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lesser men should write larger volumes than his

Miscellaneous Works, Their Character and

Tendency “ The plan of the work is this : Swedenborg first gives extracts from the greatest anatoinists

150. Swedenborg, however, fulfilled but a of his own and former times, such as Malpighi, portion of his plan, being led to something Leuwenhock, Morgagni, Swammerdam, Heister, better than the direct reconstruction of the Winslow, &c., &c., so that these volumes contain sciences ; to something, from which that event a body of old anatomy (translated now into close will hereafter issue with a divine certitude of English) such as cannot be met with in this shape success ; but still, it is satisfactory to know, elsewhere. He then gives his own unencumbered that his manuscripts give an outline of his deductions from this experience,' under the heading analysis.' Each organ of the thorax and views on all the subjects of which he intended abdomen in this way has a twofold chapter allot- to treat. Thus, we have a continuation of the ted to its consideration, which chapter is a com- Chemical Specimens ; of the Animal King-, plete little essay, or we may say, epic, upon the dom, two treatises On the Brain, forming tosubject. The philosophical unity of the work is gether 1900 pages; a treatise on Generation astonishing, and serves to unlock the most abstruse two treatises on the Ear, and the sense of organs, such as the spleen, thymus gland, supra- Hearing; one On the Human Mind, involvrenal capsules, and other parts upon which Swedenborg has dilated with an analytic efficacy which ing the Five Senses, and the various faculties, the moderns have not even approached ; and of both concrete and abstract, the human loves which the ancients afforded scarcely an indication. and passions, and whatever follows therefrom; Upon these more mysterious organs, we think his a treatise on Common Salt; a tract on the views most suggestive and valuable, and worthy rise and fall of Lake Wenner, with a sketch of the whole attention of the better minds of the of the Cataracts of the river Gotha Elf; medical profession. .Of the doctrine of series, also several others on a variety of subjects, since called by the less appropriate term, 'homology,' he has afforded the most singular illustra- all of which clearly indicate the author's retions, not confining himself to the law of series searches and corresponding versatility of powin the solids, but boldly pushing it into the domain ers; and will make about 30 volumes, octavo. of the fluids, and this with an energy of purpose, 151. The treatise on Generation, above aland a strength of conception and execution, such luded to, has recently been translated into Engas is rarely shown by any nine men in these de- lish, by J. J. G. Wilkinson. It bears the folgenerate days.' We opened this book with sur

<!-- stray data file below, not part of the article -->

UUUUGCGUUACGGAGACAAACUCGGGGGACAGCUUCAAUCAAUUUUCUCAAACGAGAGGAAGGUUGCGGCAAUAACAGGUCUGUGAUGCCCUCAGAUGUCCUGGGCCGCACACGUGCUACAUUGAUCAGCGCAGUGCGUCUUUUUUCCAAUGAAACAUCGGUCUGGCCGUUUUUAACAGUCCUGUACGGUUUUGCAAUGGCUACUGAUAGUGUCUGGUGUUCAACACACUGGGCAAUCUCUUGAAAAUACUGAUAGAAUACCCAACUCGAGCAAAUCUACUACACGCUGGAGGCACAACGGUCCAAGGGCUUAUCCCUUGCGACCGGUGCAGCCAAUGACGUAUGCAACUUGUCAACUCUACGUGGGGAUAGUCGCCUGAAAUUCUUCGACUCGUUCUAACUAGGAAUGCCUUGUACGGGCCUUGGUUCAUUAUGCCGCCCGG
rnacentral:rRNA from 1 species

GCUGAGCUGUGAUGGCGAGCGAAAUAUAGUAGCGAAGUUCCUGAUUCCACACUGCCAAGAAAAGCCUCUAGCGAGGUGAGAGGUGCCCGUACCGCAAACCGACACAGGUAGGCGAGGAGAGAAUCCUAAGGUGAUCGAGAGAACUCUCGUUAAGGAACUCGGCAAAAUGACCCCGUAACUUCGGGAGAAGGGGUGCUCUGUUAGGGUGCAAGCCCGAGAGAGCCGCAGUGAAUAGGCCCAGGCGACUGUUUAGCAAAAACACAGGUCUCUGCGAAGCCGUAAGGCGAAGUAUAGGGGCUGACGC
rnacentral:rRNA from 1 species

• The Generative Organs, eonprise, a surprise grounded upon the name and fame

lowing title:of the author, and upon the daring affirmative stand sidered Anatomically, Physically, and Philowhich he takes in limine ; we close it with a deep- sophically.” It is in two parts. Part I. laid wonder, and with an anxious wish that it may treats of The Male Generative Organs ; not appeal in vain to a profession which may gain Part II. treats of The Female Generative so much, both morally, intellectually, and scien- Organs. tifically, from the priceless truths contained it its

In the Advertisement to this Work, the pages."

Translator says:

“ The work, as it stands, 149. These are among the great works that is a worthy integrant part of that extraordirevolutionize our consciousness, and engender nary series of works, which, more than a cennew wants, and a new mind, in the human tury ago, appeared in Latin, and which, withsoul; and yet, it is surprising how little the in the last ten years, has been coming forth author was controversial, or directly critical ; in the English tongue. What its precise with the exception of his Fragment on Leib- merits may be, we will not prejudge; that is a nitz, he scarcely wages formal battle with an- question which belongs to the future. We other writer ; neither scolding science for its see in it great intuitions of order, with a most servility, nor metaphysical philosophy for its ingenious application to details : much that is artful obscurations, he supplies elevated truths as new to the human mind now, as when the on the stage of his own mind, and leaves them manuscript was written. We see in it also to gain their prevalence, without a syllable a constant amalgam of physics and metaof literary recommendation : a safe and the physics, like what there is in the human body only course ; for these principles inhabit a itself ; but which we do not know where to region, where they have no opponents ; where find in any author but Swedenborg. And old falsities are clean out of their senses, and moreover we recognize in it, an affinity to without being aware of the consequences of Man, an addiction to central truths and printhe admission, confess to seeing nothing at all. ciples, which is too absent from the corre But the medical bearing of these works, and sponding works of this age. Yet we own that their intimation of new principles and practices it is worth but little as a handbook for the to the healing art, render them of great kind of information now sought in the medivalue to the Profession and to the world. cal schools. In truth, the work is non-mediThe author shows, as no one else has con-cal: it is one of those productions, which ceived to do, how the whole corporeal system. must exist more and more in all departments, is a manifold organ of appropriation, exqui- and which are designed to promote a nonsitely responsive, in its several parts, to the professional, public, or universal view of the influences of the circumambient universe ; and matters in hand. Science, in its universals, is therefore, depending on cosmical and local cir- no tradesman, and works not for the improvecumstances for a vast supply of causes. ment of any calling; but solely because truth